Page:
ROI (return on investment) is normally part of every proposal for a software purchase.
Those within the company requesting the purchase must do all they can to provide information to senior executives and finance officers showing how quickly that purchase will pay for itself.
For a CRM tool, a full ROI statement should not be skimped and should be given considerably more time and effort than other software purchases.
This isn’t just “another software purchase”; a CRM solution is going to literally be the backbone of your sales and customer relationship efforts long into the future. Once your company has given the go-ahead on the purchase and implementation, you’re going to be stuck with it. Not only must your CRM application to be as ideal as possible for your operations, it should also rapidly pay for itself. Of course, the two go hand-in-hand.
The approach described below should be undertaken before your company decides on any particular CRM solution.
1. CRM Tool Should Mirror Your Sales Process
The last thing you need is a CRM solution that doesn’t quite fit in with your company operations, that has to be “tweaked” or customized—or worse, would require you alter your successfully worked out sales process to fit the CRM. Right there you’ve lengthened your ROI considerably.
You’ll need a CRM application that can be rapidly and easily adapted to your company’s sales process. That facility makes for the “logical and intuitive” quality a CRM solution should have; sales reps should be able to save data into the sales process stage to which it applies, and should also be able to easily retrieve that data at any time in the future it may be needed. In this way, the sales force will be empowered by CRM instead of constrained by it.
With this level of quality in your CRM application, the sales process becomes either known or easily demonstrated to the rest of the company. This will make it possible for other CRM tool users to understand, track with and analyze sales, and will considerably raise the quality output potential of marketing as well as empower executives with more precision analytics.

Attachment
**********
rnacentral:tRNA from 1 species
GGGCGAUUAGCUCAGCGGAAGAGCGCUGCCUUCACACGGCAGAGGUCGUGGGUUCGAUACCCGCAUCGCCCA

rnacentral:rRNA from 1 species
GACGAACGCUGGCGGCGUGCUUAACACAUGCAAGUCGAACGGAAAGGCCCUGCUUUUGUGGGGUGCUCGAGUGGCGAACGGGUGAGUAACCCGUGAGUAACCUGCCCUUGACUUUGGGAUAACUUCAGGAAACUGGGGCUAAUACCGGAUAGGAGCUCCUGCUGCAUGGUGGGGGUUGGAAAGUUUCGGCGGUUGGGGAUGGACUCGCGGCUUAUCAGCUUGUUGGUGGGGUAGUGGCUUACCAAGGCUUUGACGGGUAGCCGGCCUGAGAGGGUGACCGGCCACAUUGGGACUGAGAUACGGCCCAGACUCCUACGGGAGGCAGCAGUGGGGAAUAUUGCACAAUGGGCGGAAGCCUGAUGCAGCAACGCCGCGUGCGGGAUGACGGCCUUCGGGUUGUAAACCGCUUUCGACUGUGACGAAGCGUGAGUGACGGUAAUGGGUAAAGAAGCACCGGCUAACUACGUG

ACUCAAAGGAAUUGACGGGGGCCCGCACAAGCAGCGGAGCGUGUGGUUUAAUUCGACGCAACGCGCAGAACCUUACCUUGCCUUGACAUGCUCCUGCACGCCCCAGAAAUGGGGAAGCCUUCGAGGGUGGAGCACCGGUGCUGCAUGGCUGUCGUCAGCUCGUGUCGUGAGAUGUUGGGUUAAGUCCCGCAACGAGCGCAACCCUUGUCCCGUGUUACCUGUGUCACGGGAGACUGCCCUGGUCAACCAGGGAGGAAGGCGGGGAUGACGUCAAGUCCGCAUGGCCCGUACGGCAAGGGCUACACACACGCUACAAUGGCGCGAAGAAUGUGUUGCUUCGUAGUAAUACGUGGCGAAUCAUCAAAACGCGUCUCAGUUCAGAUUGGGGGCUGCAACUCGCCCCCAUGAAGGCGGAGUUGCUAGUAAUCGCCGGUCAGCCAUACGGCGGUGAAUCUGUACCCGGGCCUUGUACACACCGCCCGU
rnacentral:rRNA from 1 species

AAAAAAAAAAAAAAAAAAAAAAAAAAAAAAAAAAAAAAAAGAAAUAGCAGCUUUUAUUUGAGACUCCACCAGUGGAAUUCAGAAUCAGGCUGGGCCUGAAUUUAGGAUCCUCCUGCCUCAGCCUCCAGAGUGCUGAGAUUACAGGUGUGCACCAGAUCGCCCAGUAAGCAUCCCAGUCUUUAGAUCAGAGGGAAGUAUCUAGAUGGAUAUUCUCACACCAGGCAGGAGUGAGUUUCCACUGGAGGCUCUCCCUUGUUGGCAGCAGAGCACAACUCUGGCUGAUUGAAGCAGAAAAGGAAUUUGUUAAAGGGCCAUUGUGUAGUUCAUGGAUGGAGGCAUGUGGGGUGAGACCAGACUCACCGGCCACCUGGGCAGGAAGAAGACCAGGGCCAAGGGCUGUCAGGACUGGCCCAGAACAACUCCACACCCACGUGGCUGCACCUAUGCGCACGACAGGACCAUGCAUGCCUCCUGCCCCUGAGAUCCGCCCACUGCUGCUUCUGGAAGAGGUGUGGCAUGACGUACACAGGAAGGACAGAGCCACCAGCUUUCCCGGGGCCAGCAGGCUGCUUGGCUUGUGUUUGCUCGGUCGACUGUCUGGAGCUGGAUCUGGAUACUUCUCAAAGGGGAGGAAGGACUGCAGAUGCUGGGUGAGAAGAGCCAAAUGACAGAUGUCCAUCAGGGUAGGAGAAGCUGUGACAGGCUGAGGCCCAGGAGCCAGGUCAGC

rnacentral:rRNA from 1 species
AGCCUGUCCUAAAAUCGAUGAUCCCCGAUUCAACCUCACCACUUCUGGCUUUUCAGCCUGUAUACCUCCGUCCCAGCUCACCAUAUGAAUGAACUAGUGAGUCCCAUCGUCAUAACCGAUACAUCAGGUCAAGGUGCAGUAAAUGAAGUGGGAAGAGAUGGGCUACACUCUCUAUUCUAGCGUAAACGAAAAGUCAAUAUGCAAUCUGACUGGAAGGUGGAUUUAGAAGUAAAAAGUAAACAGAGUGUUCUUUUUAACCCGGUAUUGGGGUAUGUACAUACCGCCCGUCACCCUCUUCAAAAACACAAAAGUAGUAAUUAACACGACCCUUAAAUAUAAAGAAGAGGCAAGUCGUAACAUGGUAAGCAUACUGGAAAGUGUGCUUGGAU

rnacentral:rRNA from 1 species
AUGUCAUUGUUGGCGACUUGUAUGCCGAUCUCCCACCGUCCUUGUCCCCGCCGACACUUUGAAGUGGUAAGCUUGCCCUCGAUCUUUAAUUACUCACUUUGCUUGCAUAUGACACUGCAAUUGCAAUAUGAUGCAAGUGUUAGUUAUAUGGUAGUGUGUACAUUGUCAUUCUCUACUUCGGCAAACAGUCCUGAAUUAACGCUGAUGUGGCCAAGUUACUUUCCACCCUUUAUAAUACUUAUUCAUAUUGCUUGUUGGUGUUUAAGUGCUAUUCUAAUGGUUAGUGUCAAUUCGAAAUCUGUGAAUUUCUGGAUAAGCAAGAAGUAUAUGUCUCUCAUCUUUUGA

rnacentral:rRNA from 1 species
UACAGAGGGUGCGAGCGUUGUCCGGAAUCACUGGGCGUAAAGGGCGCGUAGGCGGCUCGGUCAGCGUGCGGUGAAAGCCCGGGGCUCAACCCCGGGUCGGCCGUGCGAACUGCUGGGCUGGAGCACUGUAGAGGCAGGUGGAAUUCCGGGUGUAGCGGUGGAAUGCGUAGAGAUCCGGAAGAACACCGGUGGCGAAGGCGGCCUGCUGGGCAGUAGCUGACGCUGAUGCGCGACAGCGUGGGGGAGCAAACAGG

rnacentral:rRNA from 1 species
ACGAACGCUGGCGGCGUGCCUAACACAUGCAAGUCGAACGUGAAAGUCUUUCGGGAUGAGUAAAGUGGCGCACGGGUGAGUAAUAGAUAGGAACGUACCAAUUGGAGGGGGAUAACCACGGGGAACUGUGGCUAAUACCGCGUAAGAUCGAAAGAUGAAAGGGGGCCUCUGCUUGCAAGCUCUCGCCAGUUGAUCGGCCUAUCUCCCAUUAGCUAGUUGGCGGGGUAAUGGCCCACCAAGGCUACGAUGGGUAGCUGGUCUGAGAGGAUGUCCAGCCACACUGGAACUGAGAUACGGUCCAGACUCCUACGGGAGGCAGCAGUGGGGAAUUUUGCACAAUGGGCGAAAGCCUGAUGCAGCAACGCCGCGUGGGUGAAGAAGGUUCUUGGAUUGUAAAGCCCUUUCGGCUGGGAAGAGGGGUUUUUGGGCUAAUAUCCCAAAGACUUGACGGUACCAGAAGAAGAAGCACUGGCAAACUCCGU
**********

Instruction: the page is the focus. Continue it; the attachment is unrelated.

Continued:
2. Research Everyone Who CRM will Impact
Traditionally a CRM solution was researched by IT, and chosen and approved by company executives. The CRM application was then brought in, implemented, and then it was discovered the number of tasks CRM didn’t take into account. CRM wouldn’t assist salespeople in controlling their sales cycles. Sales management couldn’t really use it for sales forecasting; instead, regular time-consuming meetings had to occur between sales managers and sales reps so that forecasts could be created. Because CRM was not intuitive and logical, sales analyses were problematic to say the least.
While some certainly try, the blame here should not be leveled at the CRM application. The fault lay with the fact that everyone in the company who would come to depend on CRM—and everyone else who would be expected to regularly enter data in it, such as the sales reps—were not consulted prior to its purchase and implementation.
Take the time to go through an interview every single person that will be using CRM, or in any way affected by it. This would minimally include users such as sales reps, sales management, tech support, and customer service. But it would also include any executives who would be conducting sales analyses, and any other department such as accounts payable and accounts receivable who will have applications interfacing with CRM. Find out in detail what each and every one of them needs from a CRM solution, and what kind of return in either time or money would be had by them.
3. Fully Define CRM For Your Company
Once all of this research has been conducted, it needs to be compiled and summated. The end result will be the full specification of a CRM solution for your company, along with the full ROI to be achieved.
It is only at this point you begin researching the CRM tool your company will purchase. The important thing to bear in mind as you proceed is not to compromise; don’t accept a solution that is “somewhat” what you need. There are plenty of solutions out there—one of them will come close enough to what you need, or be adaptable to what you need, and will provide the ROI you must have.
Because a CRM solution is such an integral part of your company’s operation, precisely establishing ROI for CRM is vital. In taking the time to do so, you are also taking the time to fully support and empower your sales efforts for years to come.
What kind of CRM solution can provide rapid ROI for your company? Pipeliner CRM. Get your free trial of Pipeliner CRM now.